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Young Murder Victims

August 20, 1995

Do the people profiled in "They Have the World's Worst Job" (by Jill Stewart, July 16) really suffer through the worst occupation anywhere? Not at all. Lives are being changed and saved every day by the Child Death Review Team. These people are making a crucial difference. How many of us can say the same about our daily work?

Eileen Flaxman

Los Angeles

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In our society, an individual requires considerable education to be certified to cut hair. Yet anyone, including a post-pubescent child who has sexual intercourse, can become a parent. Perhaps we need to expend greater energy on the offspring of these unlikely parents. Soon enough, these children of children will have access to automobiles, drugs and a vast array of weaponry, and they will find creative ways to vent their rage.

Melody Platt

Venice

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If two strangers get into an argument and one strikes the other, it is assault. If you see a child being punished too severely in the market or at the park, you might be inclined to close your eyes to it, because if you confront the perpetrator you will probably be told to mind your own business. The person administering the punishment is likely to say that it is their child, charge or nephew and that they have a right to discipline the child as they see fit. And worst of all is the fear that if you confront the abuser, as soon as you leave, the child may be beaten even more severely as a response to your intrusion. The problem with our society is that no one will defend the children until Eva Heuser discovers the truth, and then it is too late.

Nikki Capshaw

Burbank

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Michael and Deanne Tilton Durfee are two remarkable human beings performing an incredibly important service. The rest of us can do our part, too. An organization called CASA (Court Appointed Special Advocate) helps gather information relating to cases of child abuse and makes recommendations to the court concerning the welfare of the children. I urge anyone interested in joining the Durfees' heroic efforts to get involved in this worthwhile organization so that we can put a stop to this national tragedy.

Aaron Ruben

Beverly Hills

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I was outraged to read that a baby died after several agencies had contacted his family on 52 separate occasions. As a policy aide for a Santa Clara County supervisor, I intend to ensure that a similar situation does not happen in my county. I plan on using L.A. County's Child Death Review Team and Inter-Agency Council on Child Abuse and Neglect as models by which to compare and, more important, prevent more deaths.

Children are the most vulnerable part of our population. The government, with the help of the entire community, is responsible for ensuring their safety and well-being.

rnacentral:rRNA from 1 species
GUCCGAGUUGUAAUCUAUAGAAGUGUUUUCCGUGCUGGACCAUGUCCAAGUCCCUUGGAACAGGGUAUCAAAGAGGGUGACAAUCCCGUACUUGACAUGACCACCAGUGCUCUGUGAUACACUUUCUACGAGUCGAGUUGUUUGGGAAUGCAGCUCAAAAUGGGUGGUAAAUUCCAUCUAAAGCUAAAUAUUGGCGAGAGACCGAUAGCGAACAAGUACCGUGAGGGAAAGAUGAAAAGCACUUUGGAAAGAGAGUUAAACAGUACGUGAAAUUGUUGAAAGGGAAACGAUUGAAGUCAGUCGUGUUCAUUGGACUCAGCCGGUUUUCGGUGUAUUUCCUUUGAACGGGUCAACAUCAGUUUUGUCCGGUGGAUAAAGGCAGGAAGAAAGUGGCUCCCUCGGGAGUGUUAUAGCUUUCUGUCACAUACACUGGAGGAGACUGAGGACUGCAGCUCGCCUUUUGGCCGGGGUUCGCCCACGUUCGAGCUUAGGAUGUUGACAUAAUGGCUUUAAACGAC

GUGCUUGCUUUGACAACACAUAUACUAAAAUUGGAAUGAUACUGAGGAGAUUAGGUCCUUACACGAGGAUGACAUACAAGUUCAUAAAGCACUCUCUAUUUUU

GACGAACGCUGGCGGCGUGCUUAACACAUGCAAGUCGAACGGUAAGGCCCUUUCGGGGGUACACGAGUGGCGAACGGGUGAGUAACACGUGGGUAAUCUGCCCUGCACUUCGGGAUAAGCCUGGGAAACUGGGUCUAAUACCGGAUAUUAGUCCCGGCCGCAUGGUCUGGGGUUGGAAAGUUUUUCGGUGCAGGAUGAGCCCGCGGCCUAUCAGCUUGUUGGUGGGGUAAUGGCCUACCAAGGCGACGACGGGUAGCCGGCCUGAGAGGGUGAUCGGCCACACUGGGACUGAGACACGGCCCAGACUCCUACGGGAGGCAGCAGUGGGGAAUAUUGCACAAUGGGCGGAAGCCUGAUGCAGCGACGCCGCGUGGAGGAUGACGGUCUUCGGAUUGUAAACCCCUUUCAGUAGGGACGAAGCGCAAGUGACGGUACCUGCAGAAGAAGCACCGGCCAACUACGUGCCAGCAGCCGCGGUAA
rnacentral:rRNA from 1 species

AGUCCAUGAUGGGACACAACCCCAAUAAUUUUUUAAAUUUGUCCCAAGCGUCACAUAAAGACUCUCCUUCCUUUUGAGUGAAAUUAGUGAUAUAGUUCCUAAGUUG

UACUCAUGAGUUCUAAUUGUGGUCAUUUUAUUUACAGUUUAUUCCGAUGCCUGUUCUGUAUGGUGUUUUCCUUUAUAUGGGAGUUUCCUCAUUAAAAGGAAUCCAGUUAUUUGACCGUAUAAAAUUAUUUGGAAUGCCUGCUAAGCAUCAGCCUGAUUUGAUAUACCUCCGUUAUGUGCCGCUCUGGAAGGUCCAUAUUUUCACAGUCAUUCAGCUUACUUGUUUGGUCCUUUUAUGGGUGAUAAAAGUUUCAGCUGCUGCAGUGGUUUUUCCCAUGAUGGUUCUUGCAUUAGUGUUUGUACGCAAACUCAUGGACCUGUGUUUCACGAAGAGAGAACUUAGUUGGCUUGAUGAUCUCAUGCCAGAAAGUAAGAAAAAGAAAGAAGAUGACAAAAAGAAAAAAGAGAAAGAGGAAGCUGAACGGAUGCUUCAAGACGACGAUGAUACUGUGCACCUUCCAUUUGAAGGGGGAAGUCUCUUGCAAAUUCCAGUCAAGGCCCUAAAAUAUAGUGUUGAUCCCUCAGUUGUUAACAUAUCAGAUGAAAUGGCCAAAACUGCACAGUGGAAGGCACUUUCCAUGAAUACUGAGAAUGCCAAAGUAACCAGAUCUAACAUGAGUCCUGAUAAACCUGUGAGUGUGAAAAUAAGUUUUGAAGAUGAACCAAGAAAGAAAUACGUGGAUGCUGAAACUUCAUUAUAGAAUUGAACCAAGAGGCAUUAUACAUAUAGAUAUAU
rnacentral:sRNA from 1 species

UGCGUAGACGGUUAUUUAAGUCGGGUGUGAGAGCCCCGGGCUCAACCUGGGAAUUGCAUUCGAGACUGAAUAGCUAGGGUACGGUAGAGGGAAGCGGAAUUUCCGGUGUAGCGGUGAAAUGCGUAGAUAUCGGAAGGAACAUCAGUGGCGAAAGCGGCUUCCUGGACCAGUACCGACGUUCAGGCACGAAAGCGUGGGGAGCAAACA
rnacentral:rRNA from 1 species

Michele Olson

San Jose

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The Child Death Review Team has become the defender of otherwise hopeless victims of rights violations. In many instances, perpetrators would have repeated their actions.

Our child-abuse-prevention programs teach more than 5,000 doctors how to identify such abuse, offer counseling programs to families who have had to cope with child abuse, provide teen pregnancy education and services to prenatal substance abusers, and operate a data system that reports more than 30,000 cases a year.

I hope that your story hasn't appeared too late for not only the Death Review Team but also for other programs of the Child Abuse Prevention Program under the Board of Health. I hope that the L.A. County Board of Supervisors doesn't pull the plug on these very necessary programs. We have highest incidence of child-killing in the country. Can't we find the money to protect our children?

Gary Bart

Los Angeles

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In 1993, we took our 10-month- old daughter to a hospital emergency room after our licensed day-care provider told us that the child had injured her foot that day. The initial examination and X-ray was said to have revealed nothing to worry about. Ten days later, our daughter's foot had deteriorated to the point where she refused to try to walk on it (she was just learning to walk at the time). So we took her to our pediatrician, who again told us not to worry.

Later that afternoon, when our daughter began crying and heavily favoring the injured foot, my wife took her to the emergency room again. This time, an X-ray revealed that our daughter's leg had been broken in two places; there was a crack in the femur and a break in her ankle. Both injuries had been healing for at least a week.

After two hours, the local law-enforcement agency seized our daughter and took her under protective custody. Only then did the hospital tell us the results of the X-rays, indicating that we were suspected of child abuse. The saga ended happily 36 hours later. After several examinations at several hospitals, a pediatric orthopedic surgeon determined that our daughter's injuries were inconsistent with child abuse, and we were permitted to take our daughter home.

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